Note: this is for those of you who are map-crazy and want to follow our whereabouts on your own….it was exhausting just reading it ourselves!

Leaving Jasper National Park, we headed East on Canada 16 to Hinton (1 night) and then went Northwest on HWY 40 the “Scenic Route to Alaska”. This was the start of most locals referring to the highways we were taking by their given name instead of their actual numbers. We will include the given names whenever possible. We took HWY 40 to HWY 43 in Grand Prairie, and we continued on HWY 43 up to Dawson Creek (1 night).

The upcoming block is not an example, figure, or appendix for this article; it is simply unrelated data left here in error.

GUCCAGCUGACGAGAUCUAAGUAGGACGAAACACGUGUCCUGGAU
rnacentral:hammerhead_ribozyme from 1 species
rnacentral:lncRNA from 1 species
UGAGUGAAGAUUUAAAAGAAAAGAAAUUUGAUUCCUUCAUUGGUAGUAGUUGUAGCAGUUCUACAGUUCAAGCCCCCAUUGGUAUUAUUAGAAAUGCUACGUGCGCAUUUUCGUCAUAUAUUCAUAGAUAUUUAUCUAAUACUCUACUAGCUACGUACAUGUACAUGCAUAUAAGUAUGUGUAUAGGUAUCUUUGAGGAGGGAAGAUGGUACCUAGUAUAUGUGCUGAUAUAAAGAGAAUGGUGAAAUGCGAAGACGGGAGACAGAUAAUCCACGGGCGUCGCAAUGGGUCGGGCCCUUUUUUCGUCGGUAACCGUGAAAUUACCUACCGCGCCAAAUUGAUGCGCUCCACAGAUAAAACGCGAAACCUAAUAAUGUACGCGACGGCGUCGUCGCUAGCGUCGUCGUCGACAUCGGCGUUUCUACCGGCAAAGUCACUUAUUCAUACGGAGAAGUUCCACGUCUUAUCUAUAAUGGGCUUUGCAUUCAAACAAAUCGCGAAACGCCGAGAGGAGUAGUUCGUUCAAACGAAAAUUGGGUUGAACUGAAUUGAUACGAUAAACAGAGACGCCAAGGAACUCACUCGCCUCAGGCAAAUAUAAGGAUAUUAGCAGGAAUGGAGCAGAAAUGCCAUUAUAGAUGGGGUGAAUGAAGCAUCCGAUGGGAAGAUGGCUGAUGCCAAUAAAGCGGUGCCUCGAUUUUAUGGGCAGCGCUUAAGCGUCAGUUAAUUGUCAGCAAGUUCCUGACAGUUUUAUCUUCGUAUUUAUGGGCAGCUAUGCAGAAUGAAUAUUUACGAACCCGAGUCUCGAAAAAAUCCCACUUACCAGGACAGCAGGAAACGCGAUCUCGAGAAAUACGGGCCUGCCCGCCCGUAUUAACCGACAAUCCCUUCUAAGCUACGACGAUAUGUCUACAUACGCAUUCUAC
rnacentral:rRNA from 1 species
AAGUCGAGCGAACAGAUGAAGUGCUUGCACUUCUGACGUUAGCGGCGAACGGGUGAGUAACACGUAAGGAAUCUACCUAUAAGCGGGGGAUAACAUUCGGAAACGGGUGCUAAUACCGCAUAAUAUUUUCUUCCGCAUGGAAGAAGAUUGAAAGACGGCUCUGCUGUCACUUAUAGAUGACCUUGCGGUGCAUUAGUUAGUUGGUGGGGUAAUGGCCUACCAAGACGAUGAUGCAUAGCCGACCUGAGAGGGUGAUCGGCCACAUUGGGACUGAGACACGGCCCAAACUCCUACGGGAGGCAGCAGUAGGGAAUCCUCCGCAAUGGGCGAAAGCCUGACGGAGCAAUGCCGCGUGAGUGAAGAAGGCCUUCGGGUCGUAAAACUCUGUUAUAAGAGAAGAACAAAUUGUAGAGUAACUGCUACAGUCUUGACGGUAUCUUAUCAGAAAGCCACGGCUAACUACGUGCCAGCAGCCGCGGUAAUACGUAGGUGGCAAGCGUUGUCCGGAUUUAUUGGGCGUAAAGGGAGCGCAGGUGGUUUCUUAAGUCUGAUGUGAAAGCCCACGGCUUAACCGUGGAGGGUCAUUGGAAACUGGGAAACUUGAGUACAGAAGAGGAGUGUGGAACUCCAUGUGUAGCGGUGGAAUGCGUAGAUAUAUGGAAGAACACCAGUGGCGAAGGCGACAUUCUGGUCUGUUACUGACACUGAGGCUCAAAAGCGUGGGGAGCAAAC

The Al-Can officially starts in Dawson Creek, British Columbia (BC)-Mile 0. We went N on HWY 97 to Liard Hot Springs, BC (2 nights), then continued on HWY 97 to Teslin, Yukon—Yay!!!! (2 nights). The Al-Can changes to Rt 1 at Watson Lake, BC. We continued on RT 1 to Whitehorse (3 nights). We left the Al-Can here and turned North on the Klondike Highway ( Rt 2) to Dawson City, Yukon (1 night). At Dawson City we crossed the Yukon River on a ferry and took the Top of the World Highway (Rt 9) to the US border at Poker Creek, Alaska. This leads you into the first real town in Alaska, Chicken (population 7). We then followed the Taylor Highway (Rt 5) South to Tok, Alaska where we turned South on Rt 1, the Tok Cut-off, to Glennallen. At Glennallen we turned Southeast on Rt 4 to Rt 10, the McCarthy Highway, to Chitina, (that was a long day).We stayed in Chitina 5 nights.